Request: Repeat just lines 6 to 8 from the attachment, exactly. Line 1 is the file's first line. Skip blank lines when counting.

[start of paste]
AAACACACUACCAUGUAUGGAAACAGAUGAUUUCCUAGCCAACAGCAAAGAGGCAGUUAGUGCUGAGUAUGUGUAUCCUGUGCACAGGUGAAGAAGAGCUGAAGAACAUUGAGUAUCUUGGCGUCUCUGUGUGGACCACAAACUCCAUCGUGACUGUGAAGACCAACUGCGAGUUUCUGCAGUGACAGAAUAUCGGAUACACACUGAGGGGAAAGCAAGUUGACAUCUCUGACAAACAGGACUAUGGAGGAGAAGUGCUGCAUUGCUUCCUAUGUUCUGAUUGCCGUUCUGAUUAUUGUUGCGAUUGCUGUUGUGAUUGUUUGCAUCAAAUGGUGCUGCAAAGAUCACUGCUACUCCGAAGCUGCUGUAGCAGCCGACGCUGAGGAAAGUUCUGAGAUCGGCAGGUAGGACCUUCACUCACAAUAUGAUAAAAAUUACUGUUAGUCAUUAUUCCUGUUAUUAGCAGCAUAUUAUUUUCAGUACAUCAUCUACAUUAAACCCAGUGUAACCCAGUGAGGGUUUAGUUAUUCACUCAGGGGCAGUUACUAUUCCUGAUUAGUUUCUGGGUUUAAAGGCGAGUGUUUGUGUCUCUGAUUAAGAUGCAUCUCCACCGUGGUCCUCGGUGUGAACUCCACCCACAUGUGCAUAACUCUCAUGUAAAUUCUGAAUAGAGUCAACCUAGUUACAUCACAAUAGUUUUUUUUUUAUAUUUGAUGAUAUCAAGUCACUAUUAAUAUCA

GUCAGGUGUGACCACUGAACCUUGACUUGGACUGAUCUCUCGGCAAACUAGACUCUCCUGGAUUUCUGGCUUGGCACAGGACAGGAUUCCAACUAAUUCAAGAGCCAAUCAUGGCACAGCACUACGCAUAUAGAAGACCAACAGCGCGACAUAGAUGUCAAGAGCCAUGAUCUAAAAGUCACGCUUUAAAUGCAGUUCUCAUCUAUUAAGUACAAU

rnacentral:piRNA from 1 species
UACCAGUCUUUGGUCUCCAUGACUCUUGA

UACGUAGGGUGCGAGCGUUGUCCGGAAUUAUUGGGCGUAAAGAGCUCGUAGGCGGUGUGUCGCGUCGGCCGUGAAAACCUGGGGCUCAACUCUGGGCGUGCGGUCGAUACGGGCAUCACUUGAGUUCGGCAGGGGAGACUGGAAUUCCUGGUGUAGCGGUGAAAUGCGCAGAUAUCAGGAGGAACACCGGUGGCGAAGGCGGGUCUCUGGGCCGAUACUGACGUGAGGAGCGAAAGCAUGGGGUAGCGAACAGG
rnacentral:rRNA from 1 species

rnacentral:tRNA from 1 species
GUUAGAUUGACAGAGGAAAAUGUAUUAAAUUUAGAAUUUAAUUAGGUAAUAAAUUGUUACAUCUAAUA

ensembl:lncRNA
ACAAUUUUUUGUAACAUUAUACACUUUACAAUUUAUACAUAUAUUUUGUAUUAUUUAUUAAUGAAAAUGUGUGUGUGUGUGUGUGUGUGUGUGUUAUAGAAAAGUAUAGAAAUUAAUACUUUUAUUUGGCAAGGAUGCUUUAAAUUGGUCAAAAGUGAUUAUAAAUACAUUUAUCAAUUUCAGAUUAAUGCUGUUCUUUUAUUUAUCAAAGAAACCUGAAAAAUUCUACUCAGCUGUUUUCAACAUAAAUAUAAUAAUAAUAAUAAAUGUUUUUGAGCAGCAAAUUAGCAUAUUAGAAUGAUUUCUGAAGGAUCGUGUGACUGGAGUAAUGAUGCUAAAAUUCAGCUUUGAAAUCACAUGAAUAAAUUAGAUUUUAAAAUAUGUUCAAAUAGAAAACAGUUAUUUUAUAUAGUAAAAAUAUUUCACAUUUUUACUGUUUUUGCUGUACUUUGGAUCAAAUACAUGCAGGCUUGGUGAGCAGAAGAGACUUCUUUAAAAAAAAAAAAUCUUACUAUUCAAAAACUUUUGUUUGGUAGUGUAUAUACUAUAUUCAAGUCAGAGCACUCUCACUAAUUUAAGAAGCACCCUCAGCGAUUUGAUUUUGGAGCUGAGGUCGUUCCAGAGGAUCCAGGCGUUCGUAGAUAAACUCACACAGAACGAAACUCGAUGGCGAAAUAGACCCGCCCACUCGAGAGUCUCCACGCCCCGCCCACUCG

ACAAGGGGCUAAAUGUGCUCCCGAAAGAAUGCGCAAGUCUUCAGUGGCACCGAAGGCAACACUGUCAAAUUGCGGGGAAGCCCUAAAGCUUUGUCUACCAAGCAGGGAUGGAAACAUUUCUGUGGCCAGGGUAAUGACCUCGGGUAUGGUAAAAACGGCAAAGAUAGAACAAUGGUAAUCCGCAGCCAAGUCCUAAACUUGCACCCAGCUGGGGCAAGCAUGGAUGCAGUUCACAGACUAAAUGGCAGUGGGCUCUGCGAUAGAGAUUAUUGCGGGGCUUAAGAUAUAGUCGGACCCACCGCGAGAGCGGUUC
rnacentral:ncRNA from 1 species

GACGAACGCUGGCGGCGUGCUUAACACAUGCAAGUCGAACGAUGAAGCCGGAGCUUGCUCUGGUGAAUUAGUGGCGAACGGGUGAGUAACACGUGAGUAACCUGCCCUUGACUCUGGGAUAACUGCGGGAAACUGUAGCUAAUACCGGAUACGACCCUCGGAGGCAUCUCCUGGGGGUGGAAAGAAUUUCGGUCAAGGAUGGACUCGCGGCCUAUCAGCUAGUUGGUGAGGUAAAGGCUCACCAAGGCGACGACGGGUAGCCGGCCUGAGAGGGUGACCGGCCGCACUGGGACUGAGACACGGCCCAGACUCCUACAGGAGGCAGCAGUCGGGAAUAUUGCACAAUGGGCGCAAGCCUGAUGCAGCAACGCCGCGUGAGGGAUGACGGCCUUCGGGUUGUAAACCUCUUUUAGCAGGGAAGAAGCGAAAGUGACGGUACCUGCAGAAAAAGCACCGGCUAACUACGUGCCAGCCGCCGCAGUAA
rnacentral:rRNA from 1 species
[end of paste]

rnacentral:rRNA from 1 species

rnacentral:tRNA from 1 species
GUUAGAUUGACAGAGGAAAAUGUAUUAAAUUUAGAAUUUAAUUAGGUAAUAAAUUGUUACAUCUAAUA